Forest Service advises caution against heavy metal exposure in Dry Fork area
The U.S. Forest Service is advising visitors to the Dry Fork of the Belt Creek Basin to take precautions to avoid exposure to heavy metals.
The area is a popular spot for camping and recreation in the Helena-Lewis and Clark National Forest, but due to the area’s mining history, heavy metals may be present in the water, along the shorelines and within the floodplain, according to a Forest Service release.
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“Lead is one of the many heavy metals that is present in this recreational corridor,” Belt Creek-White Sulphur Springs District Ranger Helen Smith said in a release. “We now have brochures available at our local district office in Neihart to help folks recreate safely in the area, and we will be installing educational kiosks in the area next spring.”
Exposure to lead and other heavy metals can occur through ingestion and inhalation of contaminated soils. Lead exposure can affect nearly every system in the body and often occurs with no obvious symptoms. Health effects from lead and other heavy metals primarily occur through ingestion and inhalation of contaminated soils therefore good hygiene practices should be used to limit exposure. Lead exposure can harm the nervous system, especially in children and pregnant women, according to the Forest Service release.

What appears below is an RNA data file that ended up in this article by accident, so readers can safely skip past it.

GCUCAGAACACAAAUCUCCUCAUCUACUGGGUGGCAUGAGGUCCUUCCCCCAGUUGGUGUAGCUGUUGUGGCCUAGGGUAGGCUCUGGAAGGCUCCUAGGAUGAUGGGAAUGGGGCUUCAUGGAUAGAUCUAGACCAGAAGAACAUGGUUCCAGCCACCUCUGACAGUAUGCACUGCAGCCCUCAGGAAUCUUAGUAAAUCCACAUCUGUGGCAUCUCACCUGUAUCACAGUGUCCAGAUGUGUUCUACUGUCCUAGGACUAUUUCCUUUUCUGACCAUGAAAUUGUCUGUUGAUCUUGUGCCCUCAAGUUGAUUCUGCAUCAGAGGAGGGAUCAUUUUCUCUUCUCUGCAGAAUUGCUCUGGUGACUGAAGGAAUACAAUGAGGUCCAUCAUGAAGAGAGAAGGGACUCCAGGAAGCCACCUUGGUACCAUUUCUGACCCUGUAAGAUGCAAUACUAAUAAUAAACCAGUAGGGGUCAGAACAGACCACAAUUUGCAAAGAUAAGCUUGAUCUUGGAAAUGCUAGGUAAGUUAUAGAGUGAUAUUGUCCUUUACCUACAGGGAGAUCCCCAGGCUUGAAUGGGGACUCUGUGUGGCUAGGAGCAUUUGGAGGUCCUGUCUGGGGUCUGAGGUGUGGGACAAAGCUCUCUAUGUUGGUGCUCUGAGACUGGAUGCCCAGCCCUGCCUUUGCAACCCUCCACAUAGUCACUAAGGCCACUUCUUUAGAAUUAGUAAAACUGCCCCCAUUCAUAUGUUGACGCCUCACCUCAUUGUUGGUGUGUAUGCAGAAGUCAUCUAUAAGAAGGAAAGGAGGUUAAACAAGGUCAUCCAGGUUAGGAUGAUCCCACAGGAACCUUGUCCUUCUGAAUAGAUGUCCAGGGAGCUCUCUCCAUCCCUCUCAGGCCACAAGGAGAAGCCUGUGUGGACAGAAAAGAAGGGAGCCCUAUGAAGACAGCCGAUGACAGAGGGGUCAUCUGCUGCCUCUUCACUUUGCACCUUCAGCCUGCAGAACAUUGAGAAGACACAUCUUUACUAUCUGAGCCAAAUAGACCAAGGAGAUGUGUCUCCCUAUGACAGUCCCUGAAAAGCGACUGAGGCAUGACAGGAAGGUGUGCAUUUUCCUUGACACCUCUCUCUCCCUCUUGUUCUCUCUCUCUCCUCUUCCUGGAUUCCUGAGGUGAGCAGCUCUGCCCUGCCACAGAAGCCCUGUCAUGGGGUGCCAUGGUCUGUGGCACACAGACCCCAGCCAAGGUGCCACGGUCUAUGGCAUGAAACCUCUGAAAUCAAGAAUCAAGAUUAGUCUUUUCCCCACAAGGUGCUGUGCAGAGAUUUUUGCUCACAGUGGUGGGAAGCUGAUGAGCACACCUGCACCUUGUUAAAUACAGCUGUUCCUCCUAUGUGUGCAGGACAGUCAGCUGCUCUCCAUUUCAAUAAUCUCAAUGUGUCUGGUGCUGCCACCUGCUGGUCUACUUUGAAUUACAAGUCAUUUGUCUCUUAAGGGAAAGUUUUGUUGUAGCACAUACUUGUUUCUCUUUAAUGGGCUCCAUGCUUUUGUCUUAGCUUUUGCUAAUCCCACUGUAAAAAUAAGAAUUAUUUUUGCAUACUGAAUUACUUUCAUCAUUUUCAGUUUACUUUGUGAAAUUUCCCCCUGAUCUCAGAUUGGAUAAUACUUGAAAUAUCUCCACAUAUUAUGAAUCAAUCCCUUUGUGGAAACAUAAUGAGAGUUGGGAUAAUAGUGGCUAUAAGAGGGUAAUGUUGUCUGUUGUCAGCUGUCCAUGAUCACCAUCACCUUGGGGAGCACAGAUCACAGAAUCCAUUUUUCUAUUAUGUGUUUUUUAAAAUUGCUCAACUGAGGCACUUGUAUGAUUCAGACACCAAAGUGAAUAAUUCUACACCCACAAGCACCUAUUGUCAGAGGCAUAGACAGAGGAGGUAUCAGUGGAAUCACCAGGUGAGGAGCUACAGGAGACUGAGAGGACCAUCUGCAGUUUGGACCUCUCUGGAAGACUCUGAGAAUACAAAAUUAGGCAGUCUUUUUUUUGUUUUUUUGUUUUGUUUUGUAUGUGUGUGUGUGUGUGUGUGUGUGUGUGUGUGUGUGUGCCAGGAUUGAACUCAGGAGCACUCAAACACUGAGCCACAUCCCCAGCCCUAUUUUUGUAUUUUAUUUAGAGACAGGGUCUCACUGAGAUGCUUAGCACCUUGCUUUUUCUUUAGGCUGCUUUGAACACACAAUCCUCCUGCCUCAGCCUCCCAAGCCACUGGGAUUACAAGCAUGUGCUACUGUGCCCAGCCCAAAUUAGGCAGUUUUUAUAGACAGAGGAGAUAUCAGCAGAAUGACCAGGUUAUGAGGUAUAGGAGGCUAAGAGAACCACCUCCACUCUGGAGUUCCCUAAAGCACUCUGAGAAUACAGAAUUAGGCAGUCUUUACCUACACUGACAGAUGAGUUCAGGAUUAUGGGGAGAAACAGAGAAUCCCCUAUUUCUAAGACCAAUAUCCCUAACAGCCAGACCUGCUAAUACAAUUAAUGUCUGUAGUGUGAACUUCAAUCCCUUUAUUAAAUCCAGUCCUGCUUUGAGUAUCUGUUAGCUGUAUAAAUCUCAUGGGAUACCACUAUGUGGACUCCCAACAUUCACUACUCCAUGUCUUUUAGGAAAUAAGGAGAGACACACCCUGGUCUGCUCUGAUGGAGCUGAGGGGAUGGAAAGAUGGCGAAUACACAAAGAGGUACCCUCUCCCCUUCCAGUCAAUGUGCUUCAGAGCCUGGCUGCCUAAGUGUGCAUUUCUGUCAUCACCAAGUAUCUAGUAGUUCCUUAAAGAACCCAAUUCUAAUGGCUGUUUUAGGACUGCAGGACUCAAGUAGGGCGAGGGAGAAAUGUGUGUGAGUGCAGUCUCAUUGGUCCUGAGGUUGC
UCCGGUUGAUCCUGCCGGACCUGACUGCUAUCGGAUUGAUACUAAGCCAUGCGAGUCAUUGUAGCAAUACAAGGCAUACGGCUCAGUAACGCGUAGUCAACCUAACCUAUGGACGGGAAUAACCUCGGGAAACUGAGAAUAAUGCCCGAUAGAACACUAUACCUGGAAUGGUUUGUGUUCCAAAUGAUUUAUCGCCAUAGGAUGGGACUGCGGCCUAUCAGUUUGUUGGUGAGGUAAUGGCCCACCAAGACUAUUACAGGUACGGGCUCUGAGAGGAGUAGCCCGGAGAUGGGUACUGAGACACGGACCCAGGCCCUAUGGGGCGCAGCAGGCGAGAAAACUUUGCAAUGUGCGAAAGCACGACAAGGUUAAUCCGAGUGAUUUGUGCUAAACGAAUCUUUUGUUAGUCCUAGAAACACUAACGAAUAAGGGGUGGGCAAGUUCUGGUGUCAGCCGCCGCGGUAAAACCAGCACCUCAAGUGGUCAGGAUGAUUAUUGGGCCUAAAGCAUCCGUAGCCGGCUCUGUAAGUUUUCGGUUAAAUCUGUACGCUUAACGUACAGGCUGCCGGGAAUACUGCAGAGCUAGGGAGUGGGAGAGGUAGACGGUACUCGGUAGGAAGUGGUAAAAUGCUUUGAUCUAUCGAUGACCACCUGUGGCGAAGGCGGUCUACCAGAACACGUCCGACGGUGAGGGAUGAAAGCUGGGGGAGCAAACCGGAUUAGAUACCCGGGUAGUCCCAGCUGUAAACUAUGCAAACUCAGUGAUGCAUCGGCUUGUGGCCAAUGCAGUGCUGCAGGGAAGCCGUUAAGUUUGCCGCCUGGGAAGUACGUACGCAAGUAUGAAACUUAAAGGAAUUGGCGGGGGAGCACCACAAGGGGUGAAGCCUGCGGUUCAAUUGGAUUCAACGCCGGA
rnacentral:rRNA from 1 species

Here are some tips for minimizing lead/heavy metal exposure, from the Forest Service:
- Wash hands and face before eating and limit hand to mouth contact.
- Bring water for drinking, cooking, and washing. Do not use water from the stream—even if it is filtered.
- Keep yourself and belongings clean. Remove dirt from clothes, toys, pets, and equipment before leaving the area since soil tracked home from recreational areas can become a source of exposure.
- Wear bandanas or other dust-coverings over the mouth and nose when riding off-road trails
- Stay on trails and in designated areas
- Eat on a table or on a blanket in grassy areas to avoid accidently consuming soil and dust
- Do not harvest edible plants from floodplain areas
- Limit contact with soil along the streambank
- Reference Montana Department of Environmental Quality state guidelines for safe fish consumption.
The area is affected by the former 6,000-acre Barker Hughesville Mining District site located south of Great Falls and about 12 miles east of Monarch in Judith Basin and Cascade Counties. Rich silver and lead ores were discovered in the Barker Hughesville area in 1879. Mining activity occurred there until 1893 and again at the beginning of the 20th century through the 1940s, according to the U.S. Environmental Protection Agency.
The site contains about 46 known abandoned mines strewn with waste rock dumps, tailings and water-seeping mine openings. The abandoned mines have contaminated soil, sediment, groundwater and surface water with arsenic and metals such as copper, zinc, cadmium, and lead, according to the EPA.
The area is now an EPA superfund cleanup site.
Call the Belt Creek Ranger District office at 406-236-5100 for more information.
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